JONATHAN & PRISCILLA TITUS
Special to OBSERVER
If you are walking down the Yellow Trail near Big Pond you might have noticed a fenced rectangular structure 8 feet high about 100 feet off the trail in the woods. An informational sign marks the spot on the trail. The exclosure was constructed by volunteers with donated materials in 2007. This exclosure is designed to keep deer out so that any resulting changes in forest vegetation can be documented.
Throughout our region deer exist today at a much higher population than they did pre-settlement. This is the case whether or not you are located in a place where hunting occurs. Due to overpopulation deer have changed our forests. Because deer are everywhere, what we think of as a "normal" forest is actually one that has had all of the palatable understory species selectively removed. The remaining dominant plants are species that are unpalatable to deer.
To understand what our pre-settlement forests may have looked like, deer exclosures allow plants to grow without the presence of deer. In the exclosures plants are protected from deer, but the large mesh of the fence allows egress by pretty much all of the other animal species present in our forests and, of course, seeds and pollen can enter freely also. Inside the exclosure seedlings can grow, leaves can expand, stems can lengthen, and flowers and fruits can develop without getting nipped by the relentlessly hungry deer. This summer, if you look inside the deer exclosure you will see that the herbs and shrubs are taller, denser and support more flowers and fruits than those outside of the exclosure.
However, you might ask, "What about the species that have disappeared because the deer ate them all?" Although many species are difficult to find in our forests today, some of these species have persisted underground as seeds. Viable seeds that persist in the soil are collectively called the seedbank, which may remain viable for many years. If provided with the appropriate conditions, these seeds will germinate and, if located inside a deer exclosure, the seedlings may survive and grow. For this reason, you may see species inside the exclosure that do not occur outside of the exclosure.
So what has happened since the deer exclosure was built in 2007? We established four one-square-meter study plots inside the exclosure and another four one-square-meter study plots nearby but outside of the exclosure. Each year we record the percent cover, density and height of each plant species in each of the plots. In 2008, an average of 53 percent of the study plots outside of the exclosure supported vegetation, but this had decreased to 45 percent by 2012. In 2008 this "outside" vegetation was composed of 28 species across all four plots and this was unchanged in 2012, but three of the species had disappeared and three new species had appeared. On average, plants were about 1 inch taller in 2012, as a result of increased height by ferns and several shrub species. Lastly, the number of individual plants in the "outside" plots increased slightly.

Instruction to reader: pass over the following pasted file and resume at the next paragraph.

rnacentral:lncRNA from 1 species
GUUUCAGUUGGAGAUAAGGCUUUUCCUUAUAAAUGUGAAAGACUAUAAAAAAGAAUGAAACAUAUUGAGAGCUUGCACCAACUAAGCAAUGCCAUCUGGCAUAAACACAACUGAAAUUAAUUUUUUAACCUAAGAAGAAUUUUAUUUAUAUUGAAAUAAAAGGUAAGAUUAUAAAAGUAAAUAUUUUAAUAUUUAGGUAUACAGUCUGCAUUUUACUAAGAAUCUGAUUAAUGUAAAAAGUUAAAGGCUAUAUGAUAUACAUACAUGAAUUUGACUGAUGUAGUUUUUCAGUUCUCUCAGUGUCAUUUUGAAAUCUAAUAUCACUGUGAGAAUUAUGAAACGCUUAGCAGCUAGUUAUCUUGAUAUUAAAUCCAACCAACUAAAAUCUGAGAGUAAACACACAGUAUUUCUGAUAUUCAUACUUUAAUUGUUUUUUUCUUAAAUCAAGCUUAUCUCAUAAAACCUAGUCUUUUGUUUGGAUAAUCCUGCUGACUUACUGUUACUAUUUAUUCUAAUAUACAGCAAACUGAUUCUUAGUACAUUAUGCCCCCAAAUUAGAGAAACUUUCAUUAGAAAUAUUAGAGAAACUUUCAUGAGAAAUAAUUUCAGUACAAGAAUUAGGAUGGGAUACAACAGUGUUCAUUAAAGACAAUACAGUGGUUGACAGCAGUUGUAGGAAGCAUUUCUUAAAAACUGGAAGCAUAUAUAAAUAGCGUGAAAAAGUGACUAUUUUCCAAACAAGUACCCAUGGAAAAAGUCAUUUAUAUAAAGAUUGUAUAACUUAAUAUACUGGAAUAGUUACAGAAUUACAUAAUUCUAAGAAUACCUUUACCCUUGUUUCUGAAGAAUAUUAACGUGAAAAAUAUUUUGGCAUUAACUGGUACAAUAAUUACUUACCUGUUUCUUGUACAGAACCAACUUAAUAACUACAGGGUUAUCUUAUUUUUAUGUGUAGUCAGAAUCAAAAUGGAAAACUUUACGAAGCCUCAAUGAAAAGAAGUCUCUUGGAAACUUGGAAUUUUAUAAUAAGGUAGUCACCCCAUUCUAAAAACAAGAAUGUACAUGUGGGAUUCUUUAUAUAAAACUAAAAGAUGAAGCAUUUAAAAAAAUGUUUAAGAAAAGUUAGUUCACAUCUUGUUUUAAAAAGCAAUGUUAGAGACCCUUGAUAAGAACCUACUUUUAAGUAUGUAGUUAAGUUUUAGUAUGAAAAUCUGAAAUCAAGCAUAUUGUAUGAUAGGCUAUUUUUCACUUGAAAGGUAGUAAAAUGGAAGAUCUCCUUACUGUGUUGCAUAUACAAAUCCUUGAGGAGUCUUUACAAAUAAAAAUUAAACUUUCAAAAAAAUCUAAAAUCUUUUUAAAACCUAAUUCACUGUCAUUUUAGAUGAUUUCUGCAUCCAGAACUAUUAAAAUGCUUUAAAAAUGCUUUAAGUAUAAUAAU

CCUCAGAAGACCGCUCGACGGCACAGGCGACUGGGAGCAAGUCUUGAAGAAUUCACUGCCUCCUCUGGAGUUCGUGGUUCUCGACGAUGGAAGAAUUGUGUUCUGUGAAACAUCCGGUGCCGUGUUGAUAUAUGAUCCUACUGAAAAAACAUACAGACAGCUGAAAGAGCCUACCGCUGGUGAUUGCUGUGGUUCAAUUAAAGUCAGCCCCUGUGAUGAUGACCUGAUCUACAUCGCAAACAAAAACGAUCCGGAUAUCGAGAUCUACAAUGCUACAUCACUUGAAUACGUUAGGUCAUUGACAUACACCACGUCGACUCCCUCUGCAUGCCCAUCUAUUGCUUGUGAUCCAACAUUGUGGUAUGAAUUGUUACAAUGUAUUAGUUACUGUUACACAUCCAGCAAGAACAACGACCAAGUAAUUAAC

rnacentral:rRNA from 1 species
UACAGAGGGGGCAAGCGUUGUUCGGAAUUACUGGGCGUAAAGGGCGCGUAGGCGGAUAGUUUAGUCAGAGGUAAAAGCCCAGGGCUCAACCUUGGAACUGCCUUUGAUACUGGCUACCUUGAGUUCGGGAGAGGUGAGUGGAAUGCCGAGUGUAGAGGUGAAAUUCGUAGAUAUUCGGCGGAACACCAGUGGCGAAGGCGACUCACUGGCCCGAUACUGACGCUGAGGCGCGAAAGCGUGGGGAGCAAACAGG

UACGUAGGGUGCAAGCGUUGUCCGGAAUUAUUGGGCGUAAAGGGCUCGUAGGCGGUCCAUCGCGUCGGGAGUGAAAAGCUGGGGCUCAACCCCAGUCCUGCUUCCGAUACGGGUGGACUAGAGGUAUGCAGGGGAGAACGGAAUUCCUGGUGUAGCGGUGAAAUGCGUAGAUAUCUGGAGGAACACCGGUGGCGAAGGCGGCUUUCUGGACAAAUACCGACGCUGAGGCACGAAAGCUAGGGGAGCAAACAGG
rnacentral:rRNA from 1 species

Now let's compare this with the changes that occurred in study plots inside the exclosure. In 2008 the "inside" plots had 30 species and by 2012 this had increased to 38 species with the loss of one species and the gain of nine new species. In 2008 the "inside" plots were on average 56 percent covered with vegetation and by 2012 this had increased to 76 percent. The plants had on average increased in height by more than 2 inches, however, the number of individual plants in a plot increased only slightly. Thus, plants in plots inside the exclosure were wider and taller and there were quite a few new species, but there were not more individual plants than in 2008. New species included sarsaparilla (Aralia nudicaulis) (this was also new outside of the exclosure), wintergreen (Gaultheria procumbens), fly honeysuckle (Diervillia lonicera), and several grasses and sedges. Tree seedlings were also more common inside the deer exclosure. About 80 percent of the plant species that were flowering and fruiting from 2008 to 2012 occurred inside the deer exclosure. The presence of non-native species was negligible both inside and outside the exclosure.
You can see that the deer exclosure provides a good snapshot and pilot study of the dramatic effects of deer upon our native forest vegetation. It is likely that our forests are very different than they used to be. In the absence of deer the vegetation became more diverse, occupied more of the forest floor, and flowered and fruited more often. However, it is possible that the particular location of the deer exclosure is unusual and this would have happened with or without the fence. For this reason, the construction of multiple deer exclosures in differing habitats would better enable us to speculate with certainty how deer are changing our forests.
Jonathan and Priscilla Titus are professors at SUNY Fredonia. They and their students have been using the deer exclosure at Audubon as a resource during their classes. Plans are drawn for more exclosures on the property.
Audubon is located at 1600 Riverside Road, just off Route 62 between Warren and Jamestown. The trails are open from dawn to dusk and the Center is open from 10:00 a.m. until 4:30 p.m. daily. Information can be had by calling 569-2345 or visiting jamestownaudubon.org.